Forecasters say the Santa Ana wind event whipping up the destructive blazes that leveled homes, highways and major swaths of Southern California infrastructure is the strongest of its kind this year. President Donald Trump declared a state of emergency in the region as a result of the fires.
The declaration will free up federal assistance to “supplement State, tribal, and local response efforts due to the emergency conditions resulting from wildfires beginning on December 4, 2017, and continuing.”
An estimated 141,000 to 150,000 acres stretching from Santa Barbara to San Diego have been scorched since the fires kicked up Monday, according to fire safety officials; some 200,000 residents have fled their homes and businesses.
President Trump’s declaration authorizes the Department of Homeland Security, and FEMA (Federal Emergency Management Agency) to “coordinate all disaster relief efforts and help ease the hardship on the local populations.”
The Sacramento Bee sums up which and where the six major wildfires are burning in the Southern California region:
“The Creek, Liberty, Lilac, Rye, Skirball and Thomas fires in Ventura, San Diego, Riverside and Los Angeles counties, which started between Monday and Thursday, have prompted the evacuation of close to 200,000 residents, according to the California Department of Forestry and Fire Protection.”
Satellite images such as the lead image are tracking the plumes of smoke from space.
The hot, dry, notorious winds had died down Wednesday, giving firefighters a little headroom to battle back the existing fires, but forecasters expected more winds Thursday evening and Friday.
“Retirement communities built on golf courses, thoroughbreds in race horse stables and other usually serene sites” have been swept up in the blazes in the San Diego area,” the Associated Press reported Friday.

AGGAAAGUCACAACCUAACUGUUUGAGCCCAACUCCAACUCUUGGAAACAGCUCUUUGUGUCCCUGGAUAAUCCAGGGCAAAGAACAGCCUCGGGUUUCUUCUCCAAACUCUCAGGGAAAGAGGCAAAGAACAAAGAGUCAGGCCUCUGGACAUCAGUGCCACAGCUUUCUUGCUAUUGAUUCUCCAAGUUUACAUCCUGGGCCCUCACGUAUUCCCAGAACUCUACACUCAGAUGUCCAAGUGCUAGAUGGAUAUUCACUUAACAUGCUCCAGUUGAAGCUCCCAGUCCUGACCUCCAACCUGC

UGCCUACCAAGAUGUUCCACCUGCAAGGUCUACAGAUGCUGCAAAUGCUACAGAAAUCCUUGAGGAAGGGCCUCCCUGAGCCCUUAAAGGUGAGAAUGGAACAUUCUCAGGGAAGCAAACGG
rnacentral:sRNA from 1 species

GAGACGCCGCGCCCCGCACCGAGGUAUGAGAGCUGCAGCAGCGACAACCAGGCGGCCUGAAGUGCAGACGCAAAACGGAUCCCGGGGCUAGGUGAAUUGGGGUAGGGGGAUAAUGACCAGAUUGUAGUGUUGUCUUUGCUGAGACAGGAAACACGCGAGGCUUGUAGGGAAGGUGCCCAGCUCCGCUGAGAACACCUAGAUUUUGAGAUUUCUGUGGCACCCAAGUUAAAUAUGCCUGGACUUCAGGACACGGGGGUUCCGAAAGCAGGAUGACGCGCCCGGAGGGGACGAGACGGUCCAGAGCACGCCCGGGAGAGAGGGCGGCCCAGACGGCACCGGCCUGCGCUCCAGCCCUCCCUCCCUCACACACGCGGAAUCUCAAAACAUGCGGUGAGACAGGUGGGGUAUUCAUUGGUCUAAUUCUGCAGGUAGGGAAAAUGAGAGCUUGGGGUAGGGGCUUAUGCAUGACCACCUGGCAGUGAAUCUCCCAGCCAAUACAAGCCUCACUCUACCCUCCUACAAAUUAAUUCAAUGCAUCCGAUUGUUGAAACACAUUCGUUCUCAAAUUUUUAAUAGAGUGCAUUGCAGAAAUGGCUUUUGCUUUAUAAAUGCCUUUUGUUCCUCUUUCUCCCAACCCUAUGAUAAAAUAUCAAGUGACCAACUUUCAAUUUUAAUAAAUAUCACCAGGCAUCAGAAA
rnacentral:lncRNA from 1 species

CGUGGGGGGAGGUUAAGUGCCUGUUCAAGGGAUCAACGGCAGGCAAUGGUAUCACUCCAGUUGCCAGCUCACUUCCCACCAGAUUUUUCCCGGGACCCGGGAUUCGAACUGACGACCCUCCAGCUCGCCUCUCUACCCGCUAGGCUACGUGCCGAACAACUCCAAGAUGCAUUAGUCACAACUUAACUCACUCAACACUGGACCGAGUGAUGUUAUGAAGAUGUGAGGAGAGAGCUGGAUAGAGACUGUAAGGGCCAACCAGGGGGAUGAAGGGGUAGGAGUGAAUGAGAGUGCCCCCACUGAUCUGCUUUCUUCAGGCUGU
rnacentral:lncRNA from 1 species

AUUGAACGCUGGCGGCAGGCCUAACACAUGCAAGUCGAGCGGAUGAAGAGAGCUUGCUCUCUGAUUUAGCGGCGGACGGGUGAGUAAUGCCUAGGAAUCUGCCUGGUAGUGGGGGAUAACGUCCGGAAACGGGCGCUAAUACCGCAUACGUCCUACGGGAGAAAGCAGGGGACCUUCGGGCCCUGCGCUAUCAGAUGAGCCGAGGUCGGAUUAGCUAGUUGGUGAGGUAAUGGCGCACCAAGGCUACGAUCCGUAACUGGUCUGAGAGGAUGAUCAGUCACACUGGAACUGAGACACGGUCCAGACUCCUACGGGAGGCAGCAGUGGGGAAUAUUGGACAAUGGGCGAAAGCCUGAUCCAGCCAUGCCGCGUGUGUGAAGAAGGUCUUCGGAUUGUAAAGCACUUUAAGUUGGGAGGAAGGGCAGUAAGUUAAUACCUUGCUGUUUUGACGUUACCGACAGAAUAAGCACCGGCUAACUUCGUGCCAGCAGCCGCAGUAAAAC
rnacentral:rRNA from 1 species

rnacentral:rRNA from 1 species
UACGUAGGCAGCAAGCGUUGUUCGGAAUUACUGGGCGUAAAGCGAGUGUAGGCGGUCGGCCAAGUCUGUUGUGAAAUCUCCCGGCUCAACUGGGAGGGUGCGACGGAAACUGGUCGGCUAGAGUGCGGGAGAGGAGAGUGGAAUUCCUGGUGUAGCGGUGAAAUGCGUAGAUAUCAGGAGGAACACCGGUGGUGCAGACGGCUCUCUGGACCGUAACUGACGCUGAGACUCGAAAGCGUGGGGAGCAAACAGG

Fox News Channel reported that more than 85 structures in San Diego had been leveled.
NASA’s Earth Observatory has posted some amazing images, and picked up a quote from one of its own in the L.A. Times coverage:
A prolonged spell of dry weather also primed the area for major fires. This week’s winds follow nine of the driest consecutive months in Southern California history, NASA Jet Propulsion Laboratory climatologist Bill Patzert told the Los Angeles Times. “Pile that onto the long drought of the past decade and a half, [and] we are in apocalyptic conditions,” he said.
In this image seen at left, taken with NASA’s Terra satellite, the Earth Observatory website notes the plumes are coming from the Thomas Fire in Ventura County, which had charred more than 65,000 acres as of Friday.
“The fires mainly affected a forested, hilly area north of Ventura, but flames have encroached into the northern edge of the city. On December 6, 2017, Cal Fire estimated that at least 12,000 structures were threatened by fire.
“Forecasters with the Los Angeles office of the National Weather Service issued red flag warnings for Los Angles and Ventura counties through December 8, noting that isolated wind gusts of 80 miles (130 kilometers) per hour are possible.”
Investing sites have been keeping an eye on utilities that serve the region. Seeking Alpha reports:
“Southern California Edison International (EIX) has taken a real beating, being the second large electric power provider which has seen a substantial drop in its share price following the wildfires in California. This follows the serious correction which PG&E (PCG) has seen in October following wildfires at the time. The market seems to believe that the impact of the fire is very bad, as shares of the company plunged 13%, losing a full $10 in value in response to the news about the fires. This corresponds to a $3.3 billion reduction in the value of the company.”
Southern California Edison reports that it serves 15 million residents through 5 million accounts in a 50,000 square mile area in Southern California.
We’ve read through a ton of coverage today on the ongoing fires. The New York Times does a great job on in-depth maps (their graphic department is legendary).
But for comprehensive coverage of the areas affected and how to get more information, the ongoing SacBee coverage deserves kudos.